You may think of Nashville, TN as Music City, which as you all know, it certainly is. Although country music is definitely king in these parts, pop stars of all ages and genres are now making their homes here as well. In fact, the other night, me and a group of my friends actually encountered Steven Tyler of Aerosmith at a local hang out, and he came over and actually sat himself down and joined our party! Now, that’s Music City for you! But wait, hold your horses! There’s more.....
It’s called Nashville Fashion Week, which happened this year from April 7-11, and featured many amazing fashion shows, shopping spree experiences, accessory showcases, jewelry extravaganzas and so much more than you might imagine. Here’s a rundown of some of the best fashion events of 2015’s season, showcasing the many designers,artists, stylists, and sexy models both male and female, that are quickly turning Music City into Fashion & Style City, as well.
The first night of Nashville Fashion Week was held at the very Nashville location of Acme Feed and Seed on downtown Broadway on Tuesday, April 7. Seven local designers were featured in the Nashville Designer Showcase, held on the third floor. Nigel Barker, a photographer known to most by his work with Tyra Banks on America’s Next Top Model, watched the show from the front row; he was at the Loews Vanderbilt hotel earlier that day for a signing of his new book, Models of Influence.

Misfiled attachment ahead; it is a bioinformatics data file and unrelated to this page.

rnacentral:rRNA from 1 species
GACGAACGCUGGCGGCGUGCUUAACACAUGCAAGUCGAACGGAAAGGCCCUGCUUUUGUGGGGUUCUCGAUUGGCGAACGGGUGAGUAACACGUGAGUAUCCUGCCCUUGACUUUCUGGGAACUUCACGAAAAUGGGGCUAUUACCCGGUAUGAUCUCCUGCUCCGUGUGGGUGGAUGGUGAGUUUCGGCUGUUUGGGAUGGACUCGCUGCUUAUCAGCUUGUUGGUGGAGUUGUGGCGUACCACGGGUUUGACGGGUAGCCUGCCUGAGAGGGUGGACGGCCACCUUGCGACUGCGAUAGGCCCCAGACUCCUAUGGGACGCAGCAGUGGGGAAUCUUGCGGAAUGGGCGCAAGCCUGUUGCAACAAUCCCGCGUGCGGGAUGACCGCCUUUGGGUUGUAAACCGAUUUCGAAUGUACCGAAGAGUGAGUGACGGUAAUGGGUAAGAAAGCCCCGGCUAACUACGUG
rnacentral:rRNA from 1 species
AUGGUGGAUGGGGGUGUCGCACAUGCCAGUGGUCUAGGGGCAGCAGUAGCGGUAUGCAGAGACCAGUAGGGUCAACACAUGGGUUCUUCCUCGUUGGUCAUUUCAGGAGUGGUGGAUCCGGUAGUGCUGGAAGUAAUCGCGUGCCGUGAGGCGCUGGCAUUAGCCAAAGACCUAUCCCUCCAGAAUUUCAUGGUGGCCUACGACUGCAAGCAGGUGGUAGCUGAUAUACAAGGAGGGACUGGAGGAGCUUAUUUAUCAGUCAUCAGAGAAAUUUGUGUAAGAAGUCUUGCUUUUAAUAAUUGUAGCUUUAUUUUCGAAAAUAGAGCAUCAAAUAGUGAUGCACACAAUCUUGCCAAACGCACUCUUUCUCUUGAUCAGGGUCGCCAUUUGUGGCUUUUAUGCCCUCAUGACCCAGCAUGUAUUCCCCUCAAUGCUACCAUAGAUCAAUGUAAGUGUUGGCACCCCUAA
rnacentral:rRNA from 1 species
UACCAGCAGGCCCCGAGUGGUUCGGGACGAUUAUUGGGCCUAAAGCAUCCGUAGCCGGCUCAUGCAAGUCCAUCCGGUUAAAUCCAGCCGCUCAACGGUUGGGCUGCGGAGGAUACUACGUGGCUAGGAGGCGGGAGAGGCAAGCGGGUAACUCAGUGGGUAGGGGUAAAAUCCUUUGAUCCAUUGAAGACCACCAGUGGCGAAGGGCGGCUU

The first line to show was Ona Rex by Ashley Balding, which was launched just a year ago. It seemed as if Balding had stolen our grandmother’s yarn basket and whipped up some wonderfully mod and playful knits; frayed hems created interest in her colorful separates. Second to show was Van Hoang of Van Hoang Designs. One would never guess that the designer had just come back after taking a break in fashion, and that this was her first time showing in NFW. The collection, inspired by minimalism and architecture, was filled with mostly white pieces that were just begging for a summer night out, with sexy cuts, flowing silhouettes, and sheer paneling. Then, Donovan’s “Season of the Witch” played as 60’s bombshells walked the catwalk in Ola Mai by Leslie Stephens; mini dresses, bell sleeves, paisley skirts and giant round sunglasses brought us back a few decades.